Too bad but I will pass on this. It seemed close but planned obsolescence and lack of memory expansion is a deal breaker.

Well Ok but the hassle of shipping back and forth, possible damage during replacement, waiting, and high cost is a poor solution to replace a simple battery that eventually WILL fail, and hopefully it is even possible some years from now. These devices and support for them comes and goes. It doesn’t look like it is even possible to replace the battery without breaking the screen. Everything with these devices are all adhesive bonded together.

I see only disadvantages. These is really no good reason for it and I have seem tablets with removable backs in the past before Apple convinced everyone that it is not needed. Oh well I will stick with my Freevi 3D pad for now (yes that has a tool removable back, and SD card slot).

Hey @DaveC,

Sorry that Lume Pad isn’t the right fit for you. Just to give you some additional context, except for the biggest companies in the world (Samsung, Google, etc.) all smart devices are built on an a pre-existing ODM platform, which has core designs like MicroSD card slots and replaceable batteries already locked in to the design. This is why you see effectively all tablets sold today lack user-replaceable batteries.

We chose an ODM platform that was right for our first generation device which helped us keep costs down for the end user. Making changes like adding a MicroSD card slot would have increased costs significantly (not simply the $2 for the component alone) because it would have required choosing a different, more expensive ODM platform. That said, we’ve heard the desire from users so that will be a consideration we make for choosing ODM platforms for future products.

And just to assuage your concerns, we will neither damage your tablet in shipping nor charge $100 or more for the battery replacement service. I think if either of those things were to happen you’d be right to be annoyed :slight_smile:

Nima

Of course I accept your opinion, and I would have preferred SD card slot (it was my only criticism to the tablet in my review) and having easy battery replacement. My understanding about battery design is that it is not always so easy, since even a completely packed and glued system may have advantages, not only in terms of aesthetics; for example, Red Hydrogen One (really a nightmare to disassemble, all packed and glued) is not certified as water resistant, but I have seen an user that had his H1 in an icy pond, 1 meter deep, for more than a minute, for an accident, but after recovering it was still working… By the way, at the current price (I’m seeing in Amazon.com 275 euros) I think it is an amazing tablet, no doubt (this is my personal opinion of course). Even if it had not such a nice 3D ecosystem, would be among best tablets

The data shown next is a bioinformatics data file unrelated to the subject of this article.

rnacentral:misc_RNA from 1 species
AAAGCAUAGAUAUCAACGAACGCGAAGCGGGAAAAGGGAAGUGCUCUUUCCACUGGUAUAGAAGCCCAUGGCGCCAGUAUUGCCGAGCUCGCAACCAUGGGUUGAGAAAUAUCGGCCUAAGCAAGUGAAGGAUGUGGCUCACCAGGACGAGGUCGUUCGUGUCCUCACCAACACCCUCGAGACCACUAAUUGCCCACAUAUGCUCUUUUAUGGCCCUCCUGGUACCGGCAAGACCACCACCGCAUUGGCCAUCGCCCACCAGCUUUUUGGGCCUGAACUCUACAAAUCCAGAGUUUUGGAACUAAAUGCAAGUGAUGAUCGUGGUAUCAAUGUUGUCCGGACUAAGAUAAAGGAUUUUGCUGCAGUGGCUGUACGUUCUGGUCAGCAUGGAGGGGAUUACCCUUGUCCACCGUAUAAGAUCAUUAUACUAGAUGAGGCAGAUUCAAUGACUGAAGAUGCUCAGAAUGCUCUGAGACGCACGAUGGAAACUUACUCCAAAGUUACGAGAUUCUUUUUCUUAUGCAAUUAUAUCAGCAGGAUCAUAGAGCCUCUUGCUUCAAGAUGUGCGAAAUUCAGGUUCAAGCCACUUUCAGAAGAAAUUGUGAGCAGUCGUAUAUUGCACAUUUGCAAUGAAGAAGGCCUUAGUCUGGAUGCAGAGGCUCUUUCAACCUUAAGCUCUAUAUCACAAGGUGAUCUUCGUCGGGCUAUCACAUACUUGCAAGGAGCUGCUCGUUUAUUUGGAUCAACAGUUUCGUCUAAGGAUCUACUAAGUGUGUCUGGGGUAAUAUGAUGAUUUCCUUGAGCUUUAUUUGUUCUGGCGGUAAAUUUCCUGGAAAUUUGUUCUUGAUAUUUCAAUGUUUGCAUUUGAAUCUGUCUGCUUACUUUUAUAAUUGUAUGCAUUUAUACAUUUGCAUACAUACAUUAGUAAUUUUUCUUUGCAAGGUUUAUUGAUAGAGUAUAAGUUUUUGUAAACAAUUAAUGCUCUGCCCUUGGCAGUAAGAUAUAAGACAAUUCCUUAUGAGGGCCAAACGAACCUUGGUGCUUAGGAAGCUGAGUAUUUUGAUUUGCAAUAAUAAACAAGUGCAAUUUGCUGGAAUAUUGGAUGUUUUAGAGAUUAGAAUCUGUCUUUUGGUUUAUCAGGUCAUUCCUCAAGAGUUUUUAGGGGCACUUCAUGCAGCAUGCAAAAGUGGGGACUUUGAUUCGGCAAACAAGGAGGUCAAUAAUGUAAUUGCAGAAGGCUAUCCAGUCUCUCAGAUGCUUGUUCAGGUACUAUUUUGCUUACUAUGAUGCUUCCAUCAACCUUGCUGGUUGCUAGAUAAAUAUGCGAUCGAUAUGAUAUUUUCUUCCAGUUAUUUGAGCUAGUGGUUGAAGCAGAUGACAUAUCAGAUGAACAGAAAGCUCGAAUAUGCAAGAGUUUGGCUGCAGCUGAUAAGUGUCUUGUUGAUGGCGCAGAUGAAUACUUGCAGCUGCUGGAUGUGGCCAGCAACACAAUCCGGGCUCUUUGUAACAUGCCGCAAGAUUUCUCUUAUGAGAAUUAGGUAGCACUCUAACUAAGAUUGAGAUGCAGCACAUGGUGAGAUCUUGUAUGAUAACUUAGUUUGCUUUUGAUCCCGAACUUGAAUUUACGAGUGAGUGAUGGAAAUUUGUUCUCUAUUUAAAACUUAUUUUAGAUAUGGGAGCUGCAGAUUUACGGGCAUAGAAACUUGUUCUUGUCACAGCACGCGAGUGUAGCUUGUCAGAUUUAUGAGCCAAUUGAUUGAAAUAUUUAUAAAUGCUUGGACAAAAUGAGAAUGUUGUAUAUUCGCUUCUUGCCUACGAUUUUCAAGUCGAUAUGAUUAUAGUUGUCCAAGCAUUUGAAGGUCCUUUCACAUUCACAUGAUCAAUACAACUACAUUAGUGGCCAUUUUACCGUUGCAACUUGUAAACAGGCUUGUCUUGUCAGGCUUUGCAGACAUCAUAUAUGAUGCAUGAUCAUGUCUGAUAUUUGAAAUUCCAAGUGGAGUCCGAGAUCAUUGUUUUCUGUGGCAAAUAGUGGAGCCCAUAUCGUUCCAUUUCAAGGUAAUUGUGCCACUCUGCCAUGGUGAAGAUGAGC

For a device that is focused on media expandable memory is almost a requirement in my opinion. Video files and images are big, and any internal memory is going to be inadequate over time. It is too bad that such a simple feature is so costly.

As for the battery replacement you will need to spend at least $15 in shipping each way, wait, cover the cost of the battery, around another $20, then pay for labor. I can easily see a $100 total payout for the ordeal, as well as the hassle.

As for replaceable battery being in the design I don’t know why. It is just a case design thing not electronics. You just have to make a back cover that can be popped off and not all glued together and put the battery in a place that can be accessed without pulling the screen and circuitry apart. The battery can have the usual wired white connector that can be unplugged. It wouldn’t need to be a fancy hot swappable one but something that someone could do in a few minutes without destroying the device trying. It has all been done before, it is nothing new or revolutionary. Most tablets and phones used to do it before Apple so a few minutes of research could see how it was done (lots of teardown videos on the net). As it is now we would need to hope that this tablet was still supported in a few years and Leia was still around doing the service. If not, the tablet would be unuseable and not serviceable. It looks like the only way into it is to pull the screen off. Most likely it would break on the attempt from a user. Not ideal for a niche item like a 3D tablet. It is not like new ones come every year like cellphones where they expect you to buy a new one every year or two.